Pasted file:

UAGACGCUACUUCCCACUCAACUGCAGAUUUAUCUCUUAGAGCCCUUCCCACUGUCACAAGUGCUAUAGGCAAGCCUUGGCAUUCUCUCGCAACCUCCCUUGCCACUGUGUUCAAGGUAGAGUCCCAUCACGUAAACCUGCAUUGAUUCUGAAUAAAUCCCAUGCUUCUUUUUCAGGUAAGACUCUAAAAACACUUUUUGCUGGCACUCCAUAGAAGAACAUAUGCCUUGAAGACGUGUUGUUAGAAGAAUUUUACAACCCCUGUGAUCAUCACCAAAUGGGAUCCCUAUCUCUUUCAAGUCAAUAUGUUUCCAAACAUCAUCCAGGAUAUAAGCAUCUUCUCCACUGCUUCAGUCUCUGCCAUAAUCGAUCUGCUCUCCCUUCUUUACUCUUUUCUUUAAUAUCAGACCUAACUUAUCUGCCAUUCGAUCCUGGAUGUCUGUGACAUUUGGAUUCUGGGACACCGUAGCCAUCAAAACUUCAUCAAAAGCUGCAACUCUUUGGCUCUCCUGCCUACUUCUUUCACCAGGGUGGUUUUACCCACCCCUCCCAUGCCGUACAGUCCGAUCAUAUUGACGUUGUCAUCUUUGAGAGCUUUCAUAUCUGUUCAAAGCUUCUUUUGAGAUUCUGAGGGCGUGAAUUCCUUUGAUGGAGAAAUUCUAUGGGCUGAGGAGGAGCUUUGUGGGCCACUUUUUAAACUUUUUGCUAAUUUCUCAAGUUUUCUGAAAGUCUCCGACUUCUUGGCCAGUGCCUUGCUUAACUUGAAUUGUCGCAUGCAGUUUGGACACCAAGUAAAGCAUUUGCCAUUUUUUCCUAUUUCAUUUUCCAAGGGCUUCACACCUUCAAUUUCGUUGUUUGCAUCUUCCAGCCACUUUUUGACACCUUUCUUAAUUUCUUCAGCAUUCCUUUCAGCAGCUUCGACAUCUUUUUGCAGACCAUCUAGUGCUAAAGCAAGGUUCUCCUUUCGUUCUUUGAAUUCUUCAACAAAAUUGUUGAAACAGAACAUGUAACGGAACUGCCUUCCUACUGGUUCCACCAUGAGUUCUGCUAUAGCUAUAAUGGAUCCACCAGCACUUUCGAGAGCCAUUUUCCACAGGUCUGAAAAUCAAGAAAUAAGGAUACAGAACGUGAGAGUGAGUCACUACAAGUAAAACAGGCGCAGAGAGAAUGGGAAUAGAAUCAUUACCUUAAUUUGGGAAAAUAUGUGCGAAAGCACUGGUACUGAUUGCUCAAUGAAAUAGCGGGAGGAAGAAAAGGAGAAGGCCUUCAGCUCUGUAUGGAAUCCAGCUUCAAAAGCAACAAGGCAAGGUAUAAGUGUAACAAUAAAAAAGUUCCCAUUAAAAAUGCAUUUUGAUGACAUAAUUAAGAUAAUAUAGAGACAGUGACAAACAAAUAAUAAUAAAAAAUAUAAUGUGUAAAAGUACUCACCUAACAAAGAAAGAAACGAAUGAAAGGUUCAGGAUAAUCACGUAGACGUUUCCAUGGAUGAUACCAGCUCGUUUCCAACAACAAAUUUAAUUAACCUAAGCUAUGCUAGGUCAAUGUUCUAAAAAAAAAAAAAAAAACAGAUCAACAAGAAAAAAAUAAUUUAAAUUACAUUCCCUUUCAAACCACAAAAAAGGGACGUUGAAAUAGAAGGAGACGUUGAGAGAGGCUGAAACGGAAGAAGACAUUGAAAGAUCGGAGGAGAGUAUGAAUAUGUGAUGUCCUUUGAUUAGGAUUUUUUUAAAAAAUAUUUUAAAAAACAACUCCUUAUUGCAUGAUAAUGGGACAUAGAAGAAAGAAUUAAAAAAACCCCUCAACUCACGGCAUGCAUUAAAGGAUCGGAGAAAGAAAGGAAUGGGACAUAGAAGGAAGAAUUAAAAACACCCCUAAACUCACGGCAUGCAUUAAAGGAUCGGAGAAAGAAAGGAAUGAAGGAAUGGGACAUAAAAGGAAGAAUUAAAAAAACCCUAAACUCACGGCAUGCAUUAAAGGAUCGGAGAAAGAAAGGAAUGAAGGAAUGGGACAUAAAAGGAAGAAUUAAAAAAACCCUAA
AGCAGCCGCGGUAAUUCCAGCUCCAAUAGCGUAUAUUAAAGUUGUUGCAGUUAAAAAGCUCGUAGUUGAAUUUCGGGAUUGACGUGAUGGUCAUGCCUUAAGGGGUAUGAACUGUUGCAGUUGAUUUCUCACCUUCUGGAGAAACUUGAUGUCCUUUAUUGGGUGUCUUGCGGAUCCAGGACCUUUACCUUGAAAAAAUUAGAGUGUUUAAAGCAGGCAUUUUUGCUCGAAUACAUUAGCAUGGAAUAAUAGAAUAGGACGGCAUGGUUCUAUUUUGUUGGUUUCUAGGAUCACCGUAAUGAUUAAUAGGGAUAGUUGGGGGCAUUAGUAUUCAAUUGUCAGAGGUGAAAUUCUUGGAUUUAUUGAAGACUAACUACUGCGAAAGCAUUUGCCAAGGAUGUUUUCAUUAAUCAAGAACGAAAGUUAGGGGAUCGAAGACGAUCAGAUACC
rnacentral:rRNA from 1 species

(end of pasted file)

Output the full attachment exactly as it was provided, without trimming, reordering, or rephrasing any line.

UAGACGCUACUUCCCACUCAACUGCAGAUUUAUCUCUUAGAGCCCUUCCCACUGUCACAAGUGCUAUAGGCAAGCCUUGGCAUUCUCUCGCAACCUCCCUUGCCACUGUGUUCAAGGUAGAGUCCCAUCACGUAAACCUGCAUUGAUUCUGAAUAAAUCCCAUGCUUCUUUUUCAGGUAAGACUCUAAAAACACUUUUUGCUGGCACUCCAUAGAAGAACAUAUGCCUUGAAGACGUGUUGUUAGAAGAAUUUUACAACCCCUGUGAUCAUCACCAAAUGGGAUCCCUAUCUCUUUCAAGUCAAUAUGUUUCCAAACAUCAUCCAGGAUAUAAGCAUCUUCUCCACUGCUUCAGUCUCUGCCAUAAUCGAUCUGCUCUCCCUUCUUUACUCUUUUCUUUAAUAUCAGACCUAACUUAUCUGCCAUUCGAUCCUGGAUGUCUGUGACAUUUGGAUUCUGGGACACCGUAGCCAUCAAAACUUCAUCAAAAGCUGCAACUCUUUGGCUCUCCUGCCUACUUCUUUCACCAGGGUGGUUUUACCCACCCCUCCCAUGCCGUACAGUCCGAUCAUAUUGACGUUGUCAUCUUUGAGAGCUUUCAUAUCUGUUCAAAGCUUCUUUUGAGAUUCUGAGGGCGUGAAUUCCUUUGAUGGAGAAAUUCUAUGGGCUGAGGAGGAGCUUUGUGGGCCACUUUUUAAACUUUUUGCUAAUUUCUCAAGUUUUCUGAAAGUCUCCGACUUCUUGGCCAGUGCCUUGCUUAACUUGAAUUGUCGCAUGCAGUUUGGACACCAAGUAAAGCAUUUGCCAUUUUUUCCUAUUUCAUUUUCCAAGGGCUUCACACCUUCAAUUUCGUUGUUUGCAUCUUCCAGCCACUUUUUGACACCUUUCUUAAUUUCUUCAGCAUUCCUUUCAGCAGCUUCGACAUCUUUUUGCAGACCAUCUAGUGCUAAAGCAAGGUUCUCCUUUCGUUCUUUGAAUUCUUCAACAAAAUUGUUGAAACAGAACAUGUAACGGAACUGCCUUCCUACUGGUUCCACCAUGAGUUCUGCUAUAGCUAUAAUGGAUCCACCAGCACUUUCGAGAGCCAUUUUCCACAGGUCUGAAAAUCAAGAAAUAAGGAUACAGAACGUGAGAGUGAGUCACUACAAGUAAAACAGGCGCAGAGAGAAUGGGAAUAGAAUCAUUACCUUAAUUUGGGAAAAUAUGUGCGAAAGCACUGGUACUGAUUGCUCAAUGAAAUAGCGGGAGGAAGAAAAGGAGAAGGCCUUCAGCUCUGUAUGGAAUCCAGCUUCAAAAGCAACAAGGCAAGGUAUAAGUGUAACAAUAAAAAAGUUCCCAUUAAAAAUGCAUUUUGAUGACAUAAUUAAGAUAAUAUAGAGACAGUGACAAACAAAUAAUAAUAAAAAAUAUAAUGUGUAAAAGUACUCACCUAACAAAGAAAGAAACGAAUGAAAGGUUCAGGAUAAUCACGUAGACGUUUCCAUGGAUGAUACCAGCUCGUUUCCAACAACAAAUUUAAUUAACCUAAGCUAUGCUAGGUCAAUGUUCUAAAAAAAAAAAAAAAAACAGAUCAACAAGAAAAAAAUAAUUUAAAUUACAUUCCCUUUCAAACCACAAAAAAGGGACGUUGAAAUAGAAGGAGACGUUGAGAGAGGCUGAAACGGAAGAAGACAUUGAAAGAUCGGAGGAGAGUAUGAAUAUGUGAUGUCCUUUGAUUAGGAUUUUUUUAAAAAAUAUUUUAAAAAACAACUCCUUAUUGCAUGAUAAUGGGACAUAGAAGAAAGAAUUAAAAAAACCCCUCAACUCACGGCAUGCAUUAAAGGAUCGGAGAAAGAAAGGAAUGGGACAUAGAAGGAAGAAUUAAAAACACCCCUAAACUCACGGCAUGCAUUAAAGGAUCGGAGAAAGAAAGGAAUGAAGGAAUGGGACAUAAAAGGAAGAAUUAAAAAAACCCUAAACUCACGGCAUGCAUUAAAGGAUCGGAGAAAGAAAGGAAUGAAGGAAUGGGACAUAAAAGGAAGAAUUAAAAAAACCCUAA
AGCAGCCGCGGUAAUUCCAGCUCCAAUAGCGUAUAUUAAAGUUGUUGCAGUUAAAAAGCUCGUAGUUGAAUUUCGGGAUUGACGUGAUGGUCAUGCCUUAAGGGGUAUGAACUGUUGCAGUUGAUUUCUCACCUUCUGGAGAAACUUGAUGUCCUUUAUUGGGUGUCUUGCGGAUCCAGGACCUUUACCUUGAAAAAAUUAGAGUGUUUAAAGCAGGCAUUUUUGCUCGAAUACAUUAGCAUGGAAUAAUAGAAUAGGACGGCAUGGUUCUAUUUUGUUGGUUUCUAGGAUCACCGUAAUGAUUAAUAGGGAUAGUUGGGGGCAUUAGUAUUCAAUUGUCAGAGGUGAAAUUCUUGGAUUUAUUGAAGACUAACUACUGCGAAAGCAUUUGCCAAGGAUGUUUUCAUUAAUCAAGAACGAAAGUUAGGGGAUCGAAGACGAUCAGAUACC
rnacentral:rRNA from 1 species